Rivertown Poets is a virtual event via Zoom. Every first and third Monday at 6:15 p.m., log onto Aqus’ Zoom system to hear local poets reading from their own work, from the safety of their homes. Each event features two poets reading from their work, and an open mic event. Participants will be able to “sign up” to read. Sandra Anfang hosts. The Zoom link is


The Petaluma Arts Center presents its inaugural “Petaluma Loves Art: Auction + Stories” show, open to the community from Dec. 1-7. The center was planning to host a “mini exhibition” in the gallery, with an accompanying silent auction. But now, exhibiting an abundance of caution, will be displaying the 22 remarkable paintings and other pieces of art (donated by local collectors and artists) online only. After viewing the work on the website, those wishing to make a bid on anything, to support the arts center, will can do so right then and there. Participants can also help support Petaluma City Schools’ My Art Supply Kit program, raising funds to send an at-home art kit to over 2,000 students studying remotely. This important fundraiser is being counted on to make possible the center’s exciting 2021 plans. For more information visit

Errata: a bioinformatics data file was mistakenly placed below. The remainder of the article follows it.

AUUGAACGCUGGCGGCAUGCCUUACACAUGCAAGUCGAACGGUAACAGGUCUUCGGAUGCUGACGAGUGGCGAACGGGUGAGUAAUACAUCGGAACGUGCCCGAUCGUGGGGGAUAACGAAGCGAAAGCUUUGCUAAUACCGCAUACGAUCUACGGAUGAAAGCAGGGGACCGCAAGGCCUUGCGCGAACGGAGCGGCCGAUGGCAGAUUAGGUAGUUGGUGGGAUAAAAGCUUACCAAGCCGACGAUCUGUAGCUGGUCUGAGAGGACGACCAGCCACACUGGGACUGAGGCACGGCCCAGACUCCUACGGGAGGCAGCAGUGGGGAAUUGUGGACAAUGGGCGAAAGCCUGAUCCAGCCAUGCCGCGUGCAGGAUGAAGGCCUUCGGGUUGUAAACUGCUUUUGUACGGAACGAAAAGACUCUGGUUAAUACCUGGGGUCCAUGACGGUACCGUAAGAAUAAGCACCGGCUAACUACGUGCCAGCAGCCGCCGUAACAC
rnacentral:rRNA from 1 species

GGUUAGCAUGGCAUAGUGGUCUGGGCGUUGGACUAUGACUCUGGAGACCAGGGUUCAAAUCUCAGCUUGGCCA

This season’s Young Repertory winter musical revue will include some acting too, and will be streaming from the Cinnabar Theater stage (with vigorous social distance and safety measures protecting the performers). Directed by Nathan Cummings, the show, titled “Spectacular!” will include musical selections from “Mary Poppins,” “Legally Blond,” “Peter Pan,” “Dear Evan Hansen,” “Sweet Charity” and “Pippin.” In addition will be skits and jokes, along the lines of “Rowan and Martin’s Laugh-In.” The show streams four times a weekend from Dec. 4-13, with shows at 7:30 p.m. on Friday and Saturday, and 2 p.m. on Saturday and Sunday. Tickets are $30, “Friends and Family” rate, with hopes you’ll gather the whole household together to join in the fun. Get more information at